The “trickle-charge” may seem harmless, but it can waste your charge cycles and shorten your battery’s lifespan before it degrades. While it’s nice to wake up to that 100% charge, it may be coming at the cost of your battery’s longevity.


A smartphone inside of a hot car


Myth: Extreme temperatures can damage a smartphone or tablet.

Is it true? TRUE

While people like to argue about how bad of an idea it is to leave your smartphone plugged in all night, one thing we should all be able to agree on is that extreme temperatures are bad! Whether it’s intensely hot or freezing cold, extreme temperatures compromise the performance of your device and damage the lithium-ion battery. 

If you have ever tried to use your phone while out in the blazing sun, you may have experienced limited functionality due to the extreme temperature. Your phone may slow down, disable the camera, or make other adjustments in an attempt to regulate its temperature and keep things running smoothly. As we mentioned earlier, the lithium-ion batteries in your smartphones and tablets contain a flammable electrolyte that can catch fire if it becomes too hot. This is why your device is programmed to make automatic adjustments when things start to heat up, and it’s also why we warned you earlier not to place anything on top of your charging phone. Even a small “trickle-charge” is going to generate some heat, and the device’s programming can only do so much to regulate temperature. It’s best to make sure your phone or tablet is left to charge in a cool area with good airflow around the device.

While the cold isn’t quite as damaging as the heat, smartphone users should be aware that any extreme is bad. Many people believe that freezing their device can reset their battery or improve functionality, but Battery University says that all they’re really doing is causing damage. If you charge a smartphone at sub-freezing temperature, it can create a permanent “plating of metallic lithium” that will make the battery more prone to failure. If your smartphone is too hot to function properly, it’s best to leave it in a safe place and let the device cool down naturally.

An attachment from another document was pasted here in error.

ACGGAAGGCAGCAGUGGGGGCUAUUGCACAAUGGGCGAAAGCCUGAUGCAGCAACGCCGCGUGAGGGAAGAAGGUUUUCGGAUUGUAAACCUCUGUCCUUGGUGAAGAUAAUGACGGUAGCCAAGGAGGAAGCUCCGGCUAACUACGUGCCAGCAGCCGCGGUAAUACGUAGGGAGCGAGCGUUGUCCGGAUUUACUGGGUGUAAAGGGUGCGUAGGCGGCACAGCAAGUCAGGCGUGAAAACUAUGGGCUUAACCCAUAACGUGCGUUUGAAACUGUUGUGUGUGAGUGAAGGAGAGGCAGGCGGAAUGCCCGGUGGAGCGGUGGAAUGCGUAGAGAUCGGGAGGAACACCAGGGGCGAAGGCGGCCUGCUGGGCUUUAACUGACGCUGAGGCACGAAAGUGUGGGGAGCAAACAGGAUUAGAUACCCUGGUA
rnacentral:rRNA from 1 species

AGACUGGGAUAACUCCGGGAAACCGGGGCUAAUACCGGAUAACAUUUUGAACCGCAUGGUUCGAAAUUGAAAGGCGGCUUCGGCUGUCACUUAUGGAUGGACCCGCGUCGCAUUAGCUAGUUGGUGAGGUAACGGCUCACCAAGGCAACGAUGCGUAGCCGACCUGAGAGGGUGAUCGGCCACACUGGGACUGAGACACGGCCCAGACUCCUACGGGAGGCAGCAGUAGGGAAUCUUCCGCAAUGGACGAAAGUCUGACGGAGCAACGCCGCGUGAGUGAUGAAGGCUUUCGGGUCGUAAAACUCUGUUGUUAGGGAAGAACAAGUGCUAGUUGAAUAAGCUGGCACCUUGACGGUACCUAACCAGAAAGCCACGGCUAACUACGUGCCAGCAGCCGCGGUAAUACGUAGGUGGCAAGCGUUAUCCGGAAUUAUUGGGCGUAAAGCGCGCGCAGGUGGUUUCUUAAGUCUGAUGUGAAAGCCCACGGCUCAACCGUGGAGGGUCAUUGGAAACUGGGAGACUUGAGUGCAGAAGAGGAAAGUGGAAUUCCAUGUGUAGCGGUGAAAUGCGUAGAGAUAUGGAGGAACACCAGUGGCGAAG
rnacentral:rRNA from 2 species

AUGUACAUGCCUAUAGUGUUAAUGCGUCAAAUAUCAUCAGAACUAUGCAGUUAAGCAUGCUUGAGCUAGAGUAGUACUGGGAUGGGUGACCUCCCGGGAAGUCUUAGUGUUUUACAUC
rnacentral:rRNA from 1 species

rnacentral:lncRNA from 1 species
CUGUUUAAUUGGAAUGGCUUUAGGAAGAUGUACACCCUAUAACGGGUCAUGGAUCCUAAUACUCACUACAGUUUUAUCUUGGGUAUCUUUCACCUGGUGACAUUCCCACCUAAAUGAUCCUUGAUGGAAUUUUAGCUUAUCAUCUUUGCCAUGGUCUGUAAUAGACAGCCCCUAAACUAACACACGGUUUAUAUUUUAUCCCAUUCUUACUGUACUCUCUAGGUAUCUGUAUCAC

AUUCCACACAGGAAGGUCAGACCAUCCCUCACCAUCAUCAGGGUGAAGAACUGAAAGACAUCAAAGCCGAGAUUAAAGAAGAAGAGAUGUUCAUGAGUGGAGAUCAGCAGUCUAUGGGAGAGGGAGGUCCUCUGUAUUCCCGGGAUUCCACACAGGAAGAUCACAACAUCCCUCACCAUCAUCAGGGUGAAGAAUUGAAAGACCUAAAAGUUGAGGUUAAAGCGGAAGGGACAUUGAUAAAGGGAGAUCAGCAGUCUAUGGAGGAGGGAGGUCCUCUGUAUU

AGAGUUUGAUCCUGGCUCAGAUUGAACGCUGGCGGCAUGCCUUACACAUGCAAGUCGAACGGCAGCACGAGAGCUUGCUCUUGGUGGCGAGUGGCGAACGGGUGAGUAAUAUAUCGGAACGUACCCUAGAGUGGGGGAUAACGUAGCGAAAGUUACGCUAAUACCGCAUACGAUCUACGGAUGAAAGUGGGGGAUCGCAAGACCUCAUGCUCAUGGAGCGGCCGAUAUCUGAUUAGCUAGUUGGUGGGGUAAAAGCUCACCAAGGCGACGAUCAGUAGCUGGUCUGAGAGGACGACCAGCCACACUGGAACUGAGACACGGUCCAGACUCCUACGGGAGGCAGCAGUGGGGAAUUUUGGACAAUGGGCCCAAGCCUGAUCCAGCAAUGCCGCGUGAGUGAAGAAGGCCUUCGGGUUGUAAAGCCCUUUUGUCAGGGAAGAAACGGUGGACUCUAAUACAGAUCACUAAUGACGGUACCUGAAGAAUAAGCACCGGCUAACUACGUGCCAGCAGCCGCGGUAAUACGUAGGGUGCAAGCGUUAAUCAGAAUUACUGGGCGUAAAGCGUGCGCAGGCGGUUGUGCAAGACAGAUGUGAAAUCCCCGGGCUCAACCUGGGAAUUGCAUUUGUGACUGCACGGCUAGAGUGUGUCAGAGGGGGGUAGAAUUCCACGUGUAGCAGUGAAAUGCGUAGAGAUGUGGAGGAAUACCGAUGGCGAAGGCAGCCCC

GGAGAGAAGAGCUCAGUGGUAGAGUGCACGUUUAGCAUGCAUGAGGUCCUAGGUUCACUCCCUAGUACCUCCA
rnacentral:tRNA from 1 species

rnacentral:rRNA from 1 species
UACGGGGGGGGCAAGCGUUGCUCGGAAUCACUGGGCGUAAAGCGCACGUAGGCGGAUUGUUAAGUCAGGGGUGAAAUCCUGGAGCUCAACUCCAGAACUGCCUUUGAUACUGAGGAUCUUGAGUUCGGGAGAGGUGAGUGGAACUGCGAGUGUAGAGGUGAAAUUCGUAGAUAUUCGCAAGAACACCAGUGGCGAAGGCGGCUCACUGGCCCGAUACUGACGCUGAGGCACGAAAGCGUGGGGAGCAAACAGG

A smartphone getting powered off and with the battery drained


Myth: You should always drain your phone battery to zero before charging.

Is it true? FALSE

This is a common myth that usually goes with the misconception that your phone battery has a “memory.” The memory effect means that if your phone is only partially discharged and you plug it in to charge, the battery will “remember” the charge it was plugged in at, thus shrinking the battery’s total capacity. This may have been true of the older NiMH phone batteries, but according to TechJury, the same issues simply don’t apply to the modern lithium-ion batteries in 2022.

As difficult as this may be to believe, lithium-ion batteries are actually under the most strain when they are either fully charged or completely empty. In fact, the battery will perform its best if you can keep it at a nice equilibrium of 20-80%. This sweet spot puts the least amount of strain on the battery, and it actually increases the number of charge cycles it can withstand before it starts degrading.

Myth: Turning your smartphone off on occasion will help preserve battery life.

Is it true? FALSE

Modern smartphones and tablets are designed to be “always-on” devices, so it isn’t really important to power them down.

Some people suggest powering your smartphone off at night to preserve the battery, but Time says that won’t make much of a difference. These devices are not meant to be turned off regularly, so you should rarely see a need to turn your smartphone completely off. 

If nothing else, turning off your smartphone or discharging the battery fully to 0% every once in a while may help calibrate the battery counter. If you find that your phone keeps dying above 0%, try turning it off and giving it a break for a little while.